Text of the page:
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Friday, April 18, 2008

travelling north

Flyway

Sadly leaving behind our granddaughter and her parents we travelled Thursday and Friday from sunny California to snowy Seattle! We knew Maggie's parents were doing well and that they could ask her real Creator for her operating instructions. *


We took it slow. In that inbetween zone of leaving and return we watched the haymaking on the center strips of the highway, bales carted away on double flatbed trucks secured by metal straps. In Oregon we noticed truck after truck of huge cedar logs. We loved the old farms and barns along the highway, and green fields of cattle in California and sheep in Oregon.

We stopped and felt most at home at the Sacramento National Wildlife Refuge, the only car there, pausing every few minutes along the automobile route to view wildlife. Most of the birds had headed north before us, returning to their nesting sites as far away as Alaska. We, however, enjoyed the natives in their natural habitat and some newly arrived shorebirds. Wildlife, not having reason and will, but a guidance system and operating instructions built in, migrate the Pacific Flyway north and south according to the seasons since the beginning of time. We, with our will yielded to God's direction were instructed to have dominion and care for these creatures of the earth. I am thankful for refuges that help us experience that care and this rare peek at God's avian creation.

Because 90% of California's wetlands have disappeared, these wetlands are mostly manmade. Established in 1937 more than 35,000 acres of wetlands and uplands are managed by draining and reflooding, burning, mowing and irrigating grasslands and creating ponds, a replication of natural habitat. We drove at the edge of seasonal marshes, watching waders and by permanent ponds the waterfowl finding abundant wildlife in a fun few hours. The brochure states, "... appoximately 44% of the Pacific Flyway's waterfowl population winters in the Sacramento Valley. Three million ducks and over one million geese migrate here." We will try to come back at the peak in November, but then again, I don't think we can wait that long for another trip further south to visit our new granddaughter and family. If it keeps snowing in Seattle, we might just turn right around south again.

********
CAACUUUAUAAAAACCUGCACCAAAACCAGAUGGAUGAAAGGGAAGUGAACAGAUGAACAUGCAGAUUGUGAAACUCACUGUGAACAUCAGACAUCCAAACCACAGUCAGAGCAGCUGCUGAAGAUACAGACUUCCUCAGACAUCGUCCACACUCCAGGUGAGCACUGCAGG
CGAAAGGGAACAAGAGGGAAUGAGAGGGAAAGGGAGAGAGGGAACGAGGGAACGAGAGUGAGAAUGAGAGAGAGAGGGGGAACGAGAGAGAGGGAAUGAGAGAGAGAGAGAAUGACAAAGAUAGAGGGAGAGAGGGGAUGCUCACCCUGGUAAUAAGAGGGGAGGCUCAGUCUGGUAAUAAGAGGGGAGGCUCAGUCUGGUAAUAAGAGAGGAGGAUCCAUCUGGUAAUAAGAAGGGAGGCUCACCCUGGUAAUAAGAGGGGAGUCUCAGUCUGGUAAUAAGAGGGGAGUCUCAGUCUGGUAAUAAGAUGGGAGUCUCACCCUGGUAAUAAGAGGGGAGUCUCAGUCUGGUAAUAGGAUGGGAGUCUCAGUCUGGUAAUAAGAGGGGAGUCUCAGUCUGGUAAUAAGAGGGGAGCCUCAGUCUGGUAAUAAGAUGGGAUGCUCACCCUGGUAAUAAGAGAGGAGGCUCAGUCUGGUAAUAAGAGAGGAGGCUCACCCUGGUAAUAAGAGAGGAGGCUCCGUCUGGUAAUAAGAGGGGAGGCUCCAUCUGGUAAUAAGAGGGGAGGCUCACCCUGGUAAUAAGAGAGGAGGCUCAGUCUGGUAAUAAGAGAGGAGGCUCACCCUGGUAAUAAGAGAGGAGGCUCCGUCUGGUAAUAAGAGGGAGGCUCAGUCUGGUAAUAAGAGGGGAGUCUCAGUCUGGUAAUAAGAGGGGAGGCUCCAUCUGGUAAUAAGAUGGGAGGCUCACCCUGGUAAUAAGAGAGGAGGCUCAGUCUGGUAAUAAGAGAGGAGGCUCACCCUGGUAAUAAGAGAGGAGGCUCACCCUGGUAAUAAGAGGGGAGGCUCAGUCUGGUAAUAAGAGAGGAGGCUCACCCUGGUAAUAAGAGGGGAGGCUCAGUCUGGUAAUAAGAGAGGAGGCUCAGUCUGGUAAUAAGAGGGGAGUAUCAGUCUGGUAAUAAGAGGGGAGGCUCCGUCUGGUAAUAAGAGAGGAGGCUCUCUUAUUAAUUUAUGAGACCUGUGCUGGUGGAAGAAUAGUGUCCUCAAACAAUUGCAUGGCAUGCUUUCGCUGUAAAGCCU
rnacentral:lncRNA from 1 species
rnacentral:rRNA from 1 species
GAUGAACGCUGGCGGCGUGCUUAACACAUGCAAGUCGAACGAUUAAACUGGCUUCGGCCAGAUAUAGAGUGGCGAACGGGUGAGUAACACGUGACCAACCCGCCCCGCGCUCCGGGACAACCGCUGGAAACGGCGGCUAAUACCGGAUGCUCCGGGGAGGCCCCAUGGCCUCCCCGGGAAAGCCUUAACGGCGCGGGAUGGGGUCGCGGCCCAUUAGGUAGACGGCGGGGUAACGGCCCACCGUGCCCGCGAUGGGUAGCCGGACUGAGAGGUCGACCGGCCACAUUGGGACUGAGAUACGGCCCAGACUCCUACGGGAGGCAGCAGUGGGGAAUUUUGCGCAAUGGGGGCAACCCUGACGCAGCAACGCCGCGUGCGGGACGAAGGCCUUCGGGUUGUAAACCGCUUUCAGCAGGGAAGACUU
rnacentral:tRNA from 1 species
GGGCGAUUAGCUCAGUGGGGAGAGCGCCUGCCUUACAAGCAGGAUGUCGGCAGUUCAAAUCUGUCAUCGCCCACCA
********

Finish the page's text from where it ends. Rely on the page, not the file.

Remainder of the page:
* 2 Timothy 3:15-17

See www. youtube.com angelambryant Sacramento National Wildlife Reguge

Friday, April 11, 2008

Lost looking

Marguerite Grace one week old


Holding Maggie I'm lost this week

Looking at her face, hearing her squeek.

A smile, a scrunch, wiggling around

I'm caught in a dream I've found.

Her eyebrow up, mouth turned down

a wrinkled brow shows a frown.

An outstretched arm hits her face,

a simple squeek speaks Maggie Grace.


I'm not the same from a week ago.

My single focus lets all else go

the past, the future melt away.

Only in the present here I stay.

I don't want to miss a single smile,

or change, or first, so I sit awhile.

I get lost in a dream just watching her face,

taking every move in, oh Maggie Grace.

Friday, April 4, 2008

To Marguerite Grace

Maggie Grace born April 3, at 3:28 p.m., 5 lbs 8 oz, 18.5" long


On the day before you were born, the earth and surround started slowing down. Two pairs of ravens soaring the skies over the field, talked in their quiet “qworks” to each other. The small helpless injured junco quiet in a box with blanket and soft tissue found its way on a long slow ferry ride to the bird hospital. At dark, the deer sauntered from the woods to the fields for dinner. On the forest floor Morel mushrooms pushed their way from the dark earth, and picked by a friend, found their way into my hands.

But on the day that you were born time slowed down so much that life became like a dream. People were moving but not going anywhere so it seemed.
As you were waiting for the time to be born that God ordained, I waited to get on the ferry to go to meet you. As I boarded the delayed ferry, and traveled extra slow through the waters, you were carefully brought to the hospital in your secure box, your mother’s womb and were gradually passing through the waters of the birth canal,

But on that day and very time you were born, the time and place ordained by God, the ferry boat I was on, and the whole earth, stopped still for just a quiet moment. The heavens and the earth were celebrating your arrival. A very little while after landing, with the word of your arrival from your Dad, we all shouted and cried for joy. Time sped us the 850 miles to California to finally find you in our hands and arms. Then time stood still just for a moment once again.

“Praise God from whom all blessings flow, praise Him all creatures here below.”